Kids excited at having their picture taken

Unfortunately we were on a time limit and we couldn’t stay and visit and talk to individual families for very long, so we were ushered from one house to the next. One of the houses we visited was now in rubles. The back wall, too weak to stand had collapsed while the family was sleeping in the night. A few dogs were now nesting in the ruble. At this point, with tears blurring my vision, I wanted to scream. I wanted to scream because this was one reality, and the other reality was that from where I came, when we looked for houses, we made sure we had a ‘guest room’ to cater to those occasional days when we would have visitors. I wanted to scream because this family of five now had to live as guests in a similar home, which also probably had five of its own occupants! I wanted to scream because this is not what God (SWT) wanted us to make of his beautiful world. I wanted to scream because humans have such potential to rise above, but yet here we had subjugated ourselves to level of animals, finding any place to sleep and any food to eat.

Of course I had to force myself to walk on. I do not have a picture of this ‘house’ as I was too distraught to think. Too many thoughts were jumbled in my head and I was too shaken to click.

As we walked from one house to the next, I saw many things. I saw a woman putting sequences on a ‘pacheri.’ After going through several middlemen this would probably end up in one of the show rooms in Dubai. At one point we passed a gasoline stove outside of a house, this was known to take lives of many women, because it was so easily flammable.

Dangerous stove in small alleyway

The last family we went to visit had their house hanging at the edge of a small cliff. One false step and I would have been in the gutter. Their floor was made of loosely held bricks and the walls were made of tin roof material. Even though they lived in such a destitute dwelling, the mother was inviting and welcoming and smiling. She was feeding her kids, and invited us to share their meal. I was being taught humility in so many ways in this journey, what a ways I have to go!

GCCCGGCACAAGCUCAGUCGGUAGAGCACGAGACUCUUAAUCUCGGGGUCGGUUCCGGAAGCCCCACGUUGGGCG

Nothing to show off, but yet so welcoming
Mother with five children sitting on their only bed
Eating a modest meal of rice

As we were driving away I saw kids playing on what was supposed to be a playground. If we would have our kids playing on such grounds in the US, we’d probably have gotten sued for breaking every law that can exist about child playground safety rules. I also saw a little girl cross the street on her own, pick up her dress and sit down to relieve herself. As I sat in the car with my eyes and mouth wide open in a big shocking ‘Oh my’, she peed and played with what looked like a coconut shell that had been thrown there. I kept forgetting this was their norm.

There is some hope however, Comfort Aid International, through its donors like you, have tore down and rebuilt about 75 homes, providing basic but decent homes for the most deserving. It provides for one room with attached toilet/bathroom. The room is used for everything, sleeping, living, cooking, etc. The most important benefit is the privacy it provides, especially for the womenfolk who otherwise would have to trek some distance among people for nature calls. Most funds come form Sehme Sadaat of Khums money, as Govendhi is almost 100 sadaats. The rest come from donors who want to help these families. A typical home costs about $1,500, a little more for large families with parents living together. A tiny room is added to the attic above for their sleeping.